‘All relevant actors’ gather in Vienna for decisive Syria talks
The aim of the talks, during which almost 20 representatives will sit at the negotiating table, is to draft a plan that would hopefully provide for a ceasefire in the four-year conflict and pave the way for the process of political transition – and at the same time allow the unification of efforts to battle the Islamic State (IS, formerly ISIS/ISIL) and other jihadist groups.
Foreign ministers from the US, Russia, Saudi Arabia and Turkey arrived for a four-way meeting in the Austrian capital on Thursday.
With Iran set to join the larger meeting on Friday morning, Foreign Minister Mohammad Javad Zarif told reporters that Tehran “has a stabilizing power in the region,” IRNA news agency reported. He stressed that without Iran it will be “impossible to reach a logical solution.”
Ahead of the main discussions, the High Representative of the European Union for Foreign Affairs Federica Mogherini held a bilateral meeting with Zarif where she praised Russia’s effort for trying to bring peace to Syria.
Talking to reporters she expressed hope that the high-stakes meeting will become the first step towards the settlement of the Syrian crisis, where the US and Russia are leading their own anti-ISIS campaigns.
“I believe it is very important that ... we will have all the relevant actors, regionally and internationally, relevant actors playing around the same table trying to define a common space for the beginning of the political process to find a solution to the crisis in Syria," the EU’s foreign policy chief said.
“Let’s see if the work we have done in coordination with the US, with Russia in these days, in these weeks, allow us to open this political space and create the possibility for a follow up for a beginning of a process that can lead us to a political transition in Syria,” Mogherini told the journalists outside the Hotel Imperial in Vienna.
Hours before departing to Vienna, Mogherini told RIA news agency in Rome that Russia played a critical role in assembling the international meeting in the Austrian capital, stressing that Moscow “understands” that its air campaign in Syria has to be followed up with “political and diplomatic efforts.”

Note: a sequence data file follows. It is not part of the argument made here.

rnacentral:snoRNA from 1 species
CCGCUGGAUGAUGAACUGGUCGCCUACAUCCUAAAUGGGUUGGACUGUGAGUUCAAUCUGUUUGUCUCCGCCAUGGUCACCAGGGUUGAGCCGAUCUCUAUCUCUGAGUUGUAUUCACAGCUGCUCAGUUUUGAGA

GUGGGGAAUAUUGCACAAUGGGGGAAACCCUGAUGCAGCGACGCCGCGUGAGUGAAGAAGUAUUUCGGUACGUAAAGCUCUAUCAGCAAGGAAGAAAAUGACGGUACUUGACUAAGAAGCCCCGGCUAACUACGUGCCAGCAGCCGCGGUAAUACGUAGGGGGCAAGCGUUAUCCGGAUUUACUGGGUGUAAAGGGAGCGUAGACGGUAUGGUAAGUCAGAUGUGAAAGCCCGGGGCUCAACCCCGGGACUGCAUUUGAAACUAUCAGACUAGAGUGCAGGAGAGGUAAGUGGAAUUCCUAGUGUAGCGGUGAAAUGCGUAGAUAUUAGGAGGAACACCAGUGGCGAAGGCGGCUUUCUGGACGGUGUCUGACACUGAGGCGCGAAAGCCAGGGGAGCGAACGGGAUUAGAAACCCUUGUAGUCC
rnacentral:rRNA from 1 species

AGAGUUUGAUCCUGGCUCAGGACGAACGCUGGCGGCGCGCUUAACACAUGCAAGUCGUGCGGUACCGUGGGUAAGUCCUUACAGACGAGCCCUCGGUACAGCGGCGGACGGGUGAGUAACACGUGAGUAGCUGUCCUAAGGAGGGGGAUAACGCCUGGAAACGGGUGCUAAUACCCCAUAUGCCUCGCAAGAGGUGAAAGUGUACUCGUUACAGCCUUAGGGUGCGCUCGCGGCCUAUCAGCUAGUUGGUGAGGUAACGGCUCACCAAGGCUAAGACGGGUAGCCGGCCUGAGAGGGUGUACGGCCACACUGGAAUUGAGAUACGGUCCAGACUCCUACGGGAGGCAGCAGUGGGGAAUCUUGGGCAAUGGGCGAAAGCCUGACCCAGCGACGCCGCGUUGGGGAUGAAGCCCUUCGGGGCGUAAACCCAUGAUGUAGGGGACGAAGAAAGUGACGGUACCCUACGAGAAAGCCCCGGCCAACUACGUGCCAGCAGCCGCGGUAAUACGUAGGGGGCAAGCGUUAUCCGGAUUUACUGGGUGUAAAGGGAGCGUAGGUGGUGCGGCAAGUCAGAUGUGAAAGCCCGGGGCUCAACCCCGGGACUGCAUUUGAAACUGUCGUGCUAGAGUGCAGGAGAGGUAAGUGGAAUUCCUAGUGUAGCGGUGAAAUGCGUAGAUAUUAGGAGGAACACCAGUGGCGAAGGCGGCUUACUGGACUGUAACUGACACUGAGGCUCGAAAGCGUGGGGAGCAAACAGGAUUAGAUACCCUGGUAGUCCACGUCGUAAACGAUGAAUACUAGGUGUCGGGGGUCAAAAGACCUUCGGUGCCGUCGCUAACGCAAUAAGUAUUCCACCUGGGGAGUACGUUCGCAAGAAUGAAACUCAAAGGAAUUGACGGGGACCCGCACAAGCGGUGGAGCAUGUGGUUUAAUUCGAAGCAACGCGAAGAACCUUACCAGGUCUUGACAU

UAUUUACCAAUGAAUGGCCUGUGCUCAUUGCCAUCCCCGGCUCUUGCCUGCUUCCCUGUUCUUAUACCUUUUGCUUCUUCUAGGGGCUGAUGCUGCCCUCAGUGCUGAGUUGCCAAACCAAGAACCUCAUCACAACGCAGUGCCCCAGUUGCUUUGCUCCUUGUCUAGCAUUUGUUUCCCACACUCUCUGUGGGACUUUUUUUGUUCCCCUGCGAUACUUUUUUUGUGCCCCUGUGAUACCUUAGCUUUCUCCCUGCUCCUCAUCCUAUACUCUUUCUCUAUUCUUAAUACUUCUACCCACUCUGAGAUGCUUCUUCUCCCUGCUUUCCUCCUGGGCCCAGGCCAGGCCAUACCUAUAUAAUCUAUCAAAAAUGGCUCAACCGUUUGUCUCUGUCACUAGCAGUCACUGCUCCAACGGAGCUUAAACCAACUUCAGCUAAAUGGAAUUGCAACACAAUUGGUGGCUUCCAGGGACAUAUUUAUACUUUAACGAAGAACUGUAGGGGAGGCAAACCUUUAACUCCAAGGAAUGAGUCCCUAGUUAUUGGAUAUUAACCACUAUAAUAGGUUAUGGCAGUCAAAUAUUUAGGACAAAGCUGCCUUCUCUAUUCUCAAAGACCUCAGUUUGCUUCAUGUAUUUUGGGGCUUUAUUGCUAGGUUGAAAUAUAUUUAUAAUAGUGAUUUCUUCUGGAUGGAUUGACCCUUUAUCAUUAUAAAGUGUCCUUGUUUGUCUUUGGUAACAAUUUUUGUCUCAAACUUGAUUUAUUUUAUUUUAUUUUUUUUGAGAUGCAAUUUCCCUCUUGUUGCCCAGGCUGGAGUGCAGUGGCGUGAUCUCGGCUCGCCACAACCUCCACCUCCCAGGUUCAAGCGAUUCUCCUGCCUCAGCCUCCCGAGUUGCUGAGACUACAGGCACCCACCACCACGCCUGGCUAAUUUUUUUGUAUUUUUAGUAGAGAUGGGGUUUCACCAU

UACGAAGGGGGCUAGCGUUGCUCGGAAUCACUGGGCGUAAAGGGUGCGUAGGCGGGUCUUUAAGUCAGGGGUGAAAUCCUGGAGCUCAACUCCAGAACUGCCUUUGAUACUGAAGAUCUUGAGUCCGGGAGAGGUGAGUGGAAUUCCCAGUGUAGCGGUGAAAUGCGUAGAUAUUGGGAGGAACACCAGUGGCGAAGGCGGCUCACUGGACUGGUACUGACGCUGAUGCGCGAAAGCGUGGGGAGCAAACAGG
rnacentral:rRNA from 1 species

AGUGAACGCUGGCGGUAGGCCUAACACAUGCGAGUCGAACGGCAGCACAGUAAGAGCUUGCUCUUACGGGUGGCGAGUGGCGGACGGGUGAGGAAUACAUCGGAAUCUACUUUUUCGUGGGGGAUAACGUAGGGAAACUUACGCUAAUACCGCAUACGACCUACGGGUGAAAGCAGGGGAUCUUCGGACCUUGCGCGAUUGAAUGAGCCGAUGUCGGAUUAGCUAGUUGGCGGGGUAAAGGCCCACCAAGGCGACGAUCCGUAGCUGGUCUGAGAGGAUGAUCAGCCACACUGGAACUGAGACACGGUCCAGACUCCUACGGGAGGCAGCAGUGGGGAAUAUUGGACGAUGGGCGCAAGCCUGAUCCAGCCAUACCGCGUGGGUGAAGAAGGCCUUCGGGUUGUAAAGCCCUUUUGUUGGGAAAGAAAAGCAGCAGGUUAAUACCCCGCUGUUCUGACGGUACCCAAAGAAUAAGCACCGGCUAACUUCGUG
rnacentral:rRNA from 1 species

Syria has been in turmoil since 2011, with government troops engaged in fighting on multiple fronts against the so-called moderate opposition factions and jihadist groups, including the Islamic State and Al Nusra Front. Over 250,000 people have fallen victim to the hostilities, according to some estimates, while half of the population had to relocate either internally or flee the country as refugees.
The United States and its allies have supported the “moderate rebels,” while demanding President’s Bashar Assad’s resignation, claiming that he has lost all legitimacy, but offering no viable alternative. In August last year, Washington stepped up its role in the conflict and began bombing IS targets without consulting Damascus.
Russia and Iran recognize Assad as the legitimate Syrian authority. Russia has been conducting precision airstrikes on IS positions in Syria at the request of President Bashar Assad since September 30, which according to the Russian General Staff have already resulted in a large-scale militant retreat and the loss of much of their weaponry and equipment.